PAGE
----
Texas Medical Center Record
M.D. Anderson Cancer Center receives $150 million gift from United Arab Emirates
The United Arab Emirates' Khalifa Bin Zayed Al Nahyan Foundation, founded by former UAE President Sheikh Zayed Bin Sultan Al-Nahyan, has given the University of Texas M.D. Anderson Cancer Center a record $150 million gift.
The donation will reportedly fund M.D. Anderson's Institute for Personalized Cancer Therapy, a new endeavor to be co-led by President Dr. John Mendelsohn after he retires this summer.
"This is a transforming gift," Dr. Mendelsohn tells CultureMap. "The goal of the institute [which will be called the Khalifa Institute, after the current Sheikh] is to bring together researchers here who are working on one objective, which is to take a patient's tumor, find out what the genetic abnormalities are that drive that tumor, and then to prescribe drugs that have been designed to attack those specific abnormalities."
The 600,000 cubic-foot facility (according to the Emirates News Agency) will reportedly be called the Zayed bin Sultan Cancer Treatment Clinic and contain both a specialty institute for cancer diagnosis and a pancreatic cancer center.
Mendelsohn calls Sheikh Zayed, for whom the building is named, "sort of the George Washington of the United Arab Emirates" for his efforts in pulling the nation together after World War II, and calls his recent trip to Abu Dhabi to sign the deal "a very moving event."
"They're very proud that they can help advance medical care and medical research. The foundation is interested in two things: Health and education. Cancer is a problem that they, from what I gather, wanted to make an important contribution to, and we're fortunate that they picked us to do this."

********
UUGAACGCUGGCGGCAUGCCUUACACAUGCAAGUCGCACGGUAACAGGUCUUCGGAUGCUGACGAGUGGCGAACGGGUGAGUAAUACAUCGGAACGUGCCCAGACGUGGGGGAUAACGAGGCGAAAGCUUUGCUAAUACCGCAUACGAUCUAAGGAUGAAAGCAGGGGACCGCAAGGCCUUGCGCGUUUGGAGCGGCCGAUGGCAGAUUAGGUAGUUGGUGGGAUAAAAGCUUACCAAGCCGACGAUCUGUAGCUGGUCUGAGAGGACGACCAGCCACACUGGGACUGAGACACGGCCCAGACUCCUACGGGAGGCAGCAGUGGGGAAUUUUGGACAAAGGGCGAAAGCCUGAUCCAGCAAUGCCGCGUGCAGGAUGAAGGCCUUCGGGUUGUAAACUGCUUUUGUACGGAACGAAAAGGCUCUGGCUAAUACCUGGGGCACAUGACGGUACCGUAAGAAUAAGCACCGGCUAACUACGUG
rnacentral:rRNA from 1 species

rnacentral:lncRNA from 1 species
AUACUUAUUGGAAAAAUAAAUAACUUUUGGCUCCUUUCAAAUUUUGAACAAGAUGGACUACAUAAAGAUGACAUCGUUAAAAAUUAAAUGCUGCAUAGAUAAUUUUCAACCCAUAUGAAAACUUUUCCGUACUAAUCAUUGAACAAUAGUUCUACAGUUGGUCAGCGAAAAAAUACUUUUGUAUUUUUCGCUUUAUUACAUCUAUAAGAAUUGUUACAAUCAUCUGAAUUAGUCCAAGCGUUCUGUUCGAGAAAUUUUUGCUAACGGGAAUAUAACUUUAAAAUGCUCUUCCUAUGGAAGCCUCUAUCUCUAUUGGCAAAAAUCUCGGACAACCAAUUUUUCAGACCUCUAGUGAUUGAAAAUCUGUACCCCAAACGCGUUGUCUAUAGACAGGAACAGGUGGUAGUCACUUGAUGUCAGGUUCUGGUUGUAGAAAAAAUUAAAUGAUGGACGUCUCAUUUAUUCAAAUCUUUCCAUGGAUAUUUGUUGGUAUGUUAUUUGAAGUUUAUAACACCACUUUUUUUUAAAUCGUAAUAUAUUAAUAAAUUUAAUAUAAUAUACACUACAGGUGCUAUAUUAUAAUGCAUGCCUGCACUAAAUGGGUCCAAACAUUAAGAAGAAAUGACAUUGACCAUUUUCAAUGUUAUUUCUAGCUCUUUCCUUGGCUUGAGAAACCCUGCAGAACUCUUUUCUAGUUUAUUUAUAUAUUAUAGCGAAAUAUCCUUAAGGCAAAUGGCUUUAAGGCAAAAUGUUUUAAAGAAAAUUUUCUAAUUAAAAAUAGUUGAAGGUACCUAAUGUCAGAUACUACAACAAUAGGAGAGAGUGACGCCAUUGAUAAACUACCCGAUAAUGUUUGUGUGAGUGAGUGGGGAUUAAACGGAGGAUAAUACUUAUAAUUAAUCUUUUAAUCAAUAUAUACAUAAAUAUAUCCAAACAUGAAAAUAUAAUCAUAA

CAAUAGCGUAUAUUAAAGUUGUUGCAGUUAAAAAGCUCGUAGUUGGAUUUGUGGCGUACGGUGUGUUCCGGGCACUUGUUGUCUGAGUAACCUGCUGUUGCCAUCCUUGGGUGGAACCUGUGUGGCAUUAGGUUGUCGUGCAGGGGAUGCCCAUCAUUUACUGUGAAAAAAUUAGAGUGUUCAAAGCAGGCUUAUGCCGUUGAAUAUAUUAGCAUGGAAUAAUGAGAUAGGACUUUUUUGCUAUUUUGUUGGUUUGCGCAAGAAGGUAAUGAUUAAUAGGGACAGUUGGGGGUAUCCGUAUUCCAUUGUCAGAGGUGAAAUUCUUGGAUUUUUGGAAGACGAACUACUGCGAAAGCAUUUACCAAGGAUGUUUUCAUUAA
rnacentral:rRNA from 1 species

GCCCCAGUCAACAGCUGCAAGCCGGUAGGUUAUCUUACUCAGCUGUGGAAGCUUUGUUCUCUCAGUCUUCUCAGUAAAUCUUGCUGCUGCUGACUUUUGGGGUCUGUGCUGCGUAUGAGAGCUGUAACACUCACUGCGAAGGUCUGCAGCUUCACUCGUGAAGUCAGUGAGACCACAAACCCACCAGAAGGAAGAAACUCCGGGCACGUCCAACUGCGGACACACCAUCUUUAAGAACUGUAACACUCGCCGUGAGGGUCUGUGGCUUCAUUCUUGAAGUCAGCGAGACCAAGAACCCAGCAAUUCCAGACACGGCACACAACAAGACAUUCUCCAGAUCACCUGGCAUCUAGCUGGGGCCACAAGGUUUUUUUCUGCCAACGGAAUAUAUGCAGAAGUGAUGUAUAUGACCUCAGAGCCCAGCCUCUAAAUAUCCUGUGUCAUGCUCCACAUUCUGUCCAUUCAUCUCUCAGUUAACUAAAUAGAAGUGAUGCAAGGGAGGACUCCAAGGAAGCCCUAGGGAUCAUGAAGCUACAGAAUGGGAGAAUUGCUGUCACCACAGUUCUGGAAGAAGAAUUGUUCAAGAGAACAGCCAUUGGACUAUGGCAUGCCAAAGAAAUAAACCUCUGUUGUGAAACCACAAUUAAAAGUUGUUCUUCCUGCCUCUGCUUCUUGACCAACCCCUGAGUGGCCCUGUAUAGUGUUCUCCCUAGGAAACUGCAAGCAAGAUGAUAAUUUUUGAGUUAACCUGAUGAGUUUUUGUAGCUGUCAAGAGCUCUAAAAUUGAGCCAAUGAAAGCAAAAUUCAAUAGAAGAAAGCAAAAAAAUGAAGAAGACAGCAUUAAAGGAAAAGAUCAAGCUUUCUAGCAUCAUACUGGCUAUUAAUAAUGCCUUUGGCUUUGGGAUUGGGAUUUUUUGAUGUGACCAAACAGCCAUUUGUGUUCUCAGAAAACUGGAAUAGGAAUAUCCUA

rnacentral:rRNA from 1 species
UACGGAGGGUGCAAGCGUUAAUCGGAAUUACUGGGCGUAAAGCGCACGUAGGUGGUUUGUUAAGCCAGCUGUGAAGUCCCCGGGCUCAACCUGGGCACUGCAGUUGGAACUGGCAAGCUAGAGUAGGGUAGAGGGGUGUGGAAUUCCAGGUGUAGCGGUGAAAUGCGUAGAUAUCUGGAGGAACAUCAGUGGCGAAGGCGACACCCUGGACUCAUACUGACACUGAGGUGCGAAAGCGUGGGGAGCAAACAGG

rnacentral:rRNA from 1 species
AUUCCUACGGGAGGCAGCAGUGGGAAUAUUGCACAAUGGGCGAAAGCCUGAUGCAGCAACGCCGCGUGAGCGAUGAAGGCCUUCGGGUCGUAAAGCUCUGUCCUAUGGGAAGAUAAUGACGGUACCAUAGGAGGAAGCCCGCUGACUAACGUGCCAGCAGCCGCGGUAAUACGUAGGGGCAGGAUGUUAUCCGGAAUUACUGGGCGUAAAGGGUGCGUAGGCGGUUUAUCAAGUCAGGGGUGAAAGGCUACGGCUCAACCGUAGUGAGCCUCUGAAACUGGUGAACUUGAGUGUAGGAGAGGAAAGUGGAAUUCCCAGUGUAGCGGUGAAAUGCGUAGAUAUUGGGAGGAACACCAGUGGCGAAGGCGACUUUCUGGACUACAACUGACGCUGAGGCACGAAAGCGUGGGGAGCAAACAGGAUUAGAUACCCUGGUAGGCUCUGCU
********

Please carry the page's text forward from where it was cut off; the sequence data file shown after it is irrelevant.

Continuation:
The gift, which has been in the works for about four years, is the single largest donation ever given to a Texas Medical Center institution, and will additionally fund three chairs as well as a number of annual fellowships.
It's a fine cap to Mendelsohn's nearly 15-year career at M.D. Anderson, and still just a glimmer of his vision.
The original genome project took three years and cost $3 billion. Today, we can sequence a genome in three weeks for $10,000 or $20,000, and eventually we'll be able to do it in a week or less for less than $1,000. The other exciting thing is the drug companies are developing drugs designed to attack the products of these abnormally functioning genes, so in the future we can select the right drugs for the right patients.
This research is not paid for in the most part by insurance, because we haven't proven that it works. We're doing the research to figure out how to do this right, and then it will become standard in practice. The dream is, five years from now, that for each of the 30,000 patients we see each year, we have a better opportunity to provide them the right treatment.